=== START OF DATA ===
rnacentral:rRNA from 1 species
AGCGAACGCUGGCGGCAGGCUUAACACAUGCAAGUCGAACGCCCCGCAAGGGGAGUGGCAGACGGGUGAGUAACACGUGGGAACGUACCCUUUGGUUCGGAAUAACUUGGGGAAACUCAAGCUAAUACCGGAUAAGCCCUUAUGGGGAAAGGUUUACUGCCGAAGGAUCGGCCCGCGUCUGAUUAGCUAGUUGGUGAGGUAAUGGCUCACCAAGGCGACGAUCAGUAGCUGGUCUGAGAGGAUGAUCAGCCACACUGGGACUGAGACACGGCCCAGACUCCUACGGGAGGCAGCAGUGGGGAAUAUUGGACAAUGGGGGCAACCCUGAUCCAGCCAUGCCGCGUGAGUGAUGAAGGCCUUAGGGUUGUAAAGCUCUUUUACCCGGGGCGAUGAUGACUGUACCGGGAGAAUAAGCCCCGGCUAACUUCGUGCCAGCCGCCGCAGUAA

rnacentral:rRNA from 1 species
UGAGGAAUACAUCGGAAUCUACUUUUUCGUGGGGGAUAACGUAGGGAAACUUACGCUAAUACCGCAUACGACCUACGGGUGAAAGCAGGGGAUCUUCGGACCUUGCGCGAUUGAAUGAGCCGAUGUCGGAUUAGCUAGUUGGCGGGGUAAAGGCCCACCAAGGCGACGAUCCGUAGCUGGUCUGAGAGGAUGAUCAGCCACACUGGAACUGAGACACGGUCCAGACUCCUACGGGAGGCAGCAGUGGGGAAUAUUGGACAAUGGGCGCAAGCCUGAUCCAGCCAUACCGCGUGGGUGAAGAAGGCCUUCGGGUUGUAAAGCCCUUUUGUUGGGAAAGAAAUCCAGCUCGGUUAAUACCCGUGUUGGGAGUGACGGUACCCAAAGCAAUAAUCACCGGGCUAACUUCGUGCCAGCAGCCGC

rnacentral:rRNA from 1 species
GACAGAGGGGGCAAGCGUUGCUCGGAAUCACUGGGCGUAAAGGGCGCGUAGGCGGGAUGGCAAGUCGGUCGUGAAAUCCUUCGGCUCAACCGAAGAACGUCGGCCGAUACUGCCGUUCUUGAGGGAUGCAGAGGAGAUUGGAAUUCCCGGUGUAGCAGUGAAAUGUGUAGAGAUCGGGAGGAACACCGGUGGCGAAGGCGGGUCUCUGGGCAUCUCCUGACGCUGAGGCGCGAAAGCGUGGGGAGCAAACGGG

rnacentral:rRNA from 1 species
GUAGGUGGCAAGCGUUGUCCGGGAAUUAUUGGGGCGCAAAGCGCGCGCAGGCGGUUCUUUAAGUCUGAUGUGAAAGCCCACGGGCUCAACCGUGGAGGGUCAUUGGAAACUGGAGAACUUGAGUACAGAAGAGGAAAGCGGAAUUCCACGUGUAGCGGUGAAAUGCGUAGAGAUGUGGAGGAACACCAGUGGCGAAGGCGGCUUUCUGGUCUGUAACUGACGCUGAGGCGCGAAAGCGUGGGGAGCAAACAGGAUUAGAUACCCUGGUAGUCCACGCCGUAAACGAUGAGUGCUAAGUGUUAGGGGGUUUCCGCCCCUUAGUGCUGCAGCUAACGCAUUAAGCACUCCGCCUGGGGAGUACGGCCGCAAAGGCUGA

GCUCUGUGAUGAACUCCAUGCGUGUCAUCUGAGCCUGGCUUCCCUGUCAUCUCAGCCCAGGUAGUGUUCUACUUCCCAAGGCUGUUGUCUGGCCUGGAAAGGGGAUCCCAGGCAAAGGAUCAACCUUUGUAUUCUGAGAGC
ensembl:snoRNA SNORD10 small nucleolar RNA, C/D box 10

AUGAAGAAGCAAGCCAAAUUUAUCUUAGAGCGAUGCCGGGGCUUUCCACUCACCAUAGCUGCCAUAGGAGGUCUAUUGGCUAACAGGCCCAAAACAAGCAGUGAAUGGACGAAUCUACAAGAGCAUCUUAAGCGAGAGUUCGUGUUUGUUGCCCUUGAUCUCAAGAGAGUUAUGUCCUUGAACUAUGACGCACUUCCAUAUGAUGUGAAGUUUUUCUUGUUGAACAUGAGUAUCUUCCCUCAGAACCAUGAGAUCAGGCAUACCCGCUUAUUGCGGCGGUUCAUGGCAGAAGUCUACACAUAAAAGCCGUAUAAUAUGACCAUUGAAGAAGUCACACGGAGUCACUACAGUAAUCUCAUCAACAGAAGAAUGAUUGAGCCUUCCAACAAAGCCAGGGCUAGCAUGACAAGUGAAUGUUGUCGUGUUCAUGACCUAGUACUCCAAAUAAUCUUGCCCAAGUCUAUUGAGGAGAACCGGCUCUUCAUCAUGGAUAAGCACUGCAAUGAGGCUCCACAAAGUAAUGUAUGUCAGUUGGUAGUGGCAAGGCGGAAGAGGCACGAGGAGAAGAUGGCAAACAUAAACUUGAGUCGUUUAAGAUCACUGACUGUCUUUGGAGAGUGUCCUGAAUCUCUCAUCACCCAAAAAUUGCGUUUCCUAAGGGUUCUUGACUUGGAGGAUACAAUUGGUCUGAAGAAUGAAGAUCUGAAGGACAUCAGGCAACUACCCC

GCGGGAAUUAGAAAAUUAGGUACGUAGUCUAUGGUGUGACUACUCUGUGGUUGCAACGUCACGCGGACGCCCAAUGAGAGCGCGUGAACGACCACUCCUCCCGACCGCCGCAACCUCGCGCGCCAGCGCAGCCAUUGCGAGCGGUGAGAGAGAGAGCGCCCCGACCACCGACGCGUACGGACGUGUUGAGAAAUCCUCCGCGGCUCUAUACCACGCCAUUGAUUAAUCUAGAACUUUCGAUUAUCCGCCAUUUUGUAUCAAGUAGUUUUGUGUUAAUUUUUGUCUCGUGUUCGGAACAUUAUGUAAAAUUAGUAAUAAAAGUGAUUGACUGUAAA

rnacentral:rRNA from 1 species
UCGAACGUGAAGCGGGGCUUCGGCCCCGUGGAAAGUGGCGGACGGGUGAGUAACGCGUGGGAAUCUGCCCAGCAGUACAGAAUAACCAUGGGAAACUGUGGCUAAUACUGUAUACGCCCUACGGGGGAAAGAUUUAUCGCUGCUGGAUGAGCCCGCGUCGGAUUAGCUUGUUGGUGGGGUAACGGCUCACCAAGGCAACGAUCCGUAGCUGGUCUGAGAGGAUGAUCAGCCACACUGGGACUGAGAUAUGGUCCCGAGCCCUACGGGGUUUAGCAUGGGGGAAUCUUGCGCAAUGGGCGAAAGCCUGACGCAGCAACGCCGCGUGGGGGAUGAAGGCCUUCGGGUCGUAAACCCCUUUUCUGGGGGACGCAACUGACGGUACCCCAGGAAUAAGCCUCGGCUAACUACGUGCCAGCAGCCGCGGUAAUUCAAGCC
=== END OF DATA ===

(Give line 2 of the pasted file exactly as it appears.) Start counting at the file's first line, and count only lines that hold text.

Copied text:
AGCGAACGCUGGCGGCAGGCUUAACACAUGCAAGUCGAACGCCCCGCAAGGGGAGUGGCAGACGGGUGAGUAACACGUGGGAACGUACCCUUUGGUUCGGAAUAACUUGGGGAAACUCAAGCUAAUACCGGAUAAGCCCUUAUGGGGAAAGGUUUACUGCCGAAGGAUCGGCCCGCGUCUGAUUAGCUAGUUGGUGAGGUAAUGGCUCACCAAGGCGACGAUCAGUAGCUGGUCUGAGAGGAUGAUCAGCCACACUGGGACUGAGACACGGCCCAGACUCCUACGGGAGGCAGCAGUGGGGAAUAUUGGACAAUGGGGGCAACCCUGAUCCAGCCAUGCCGCGUGAGUGAUGAAGGCCUUAGGGUUGUAAAGCUCUUUUACCCGGGGCGAUGAUGACUGUACCGGGAGAAUAAGCCCCGGCUAACUUCGUGCCAGCCGCCGCAGUAA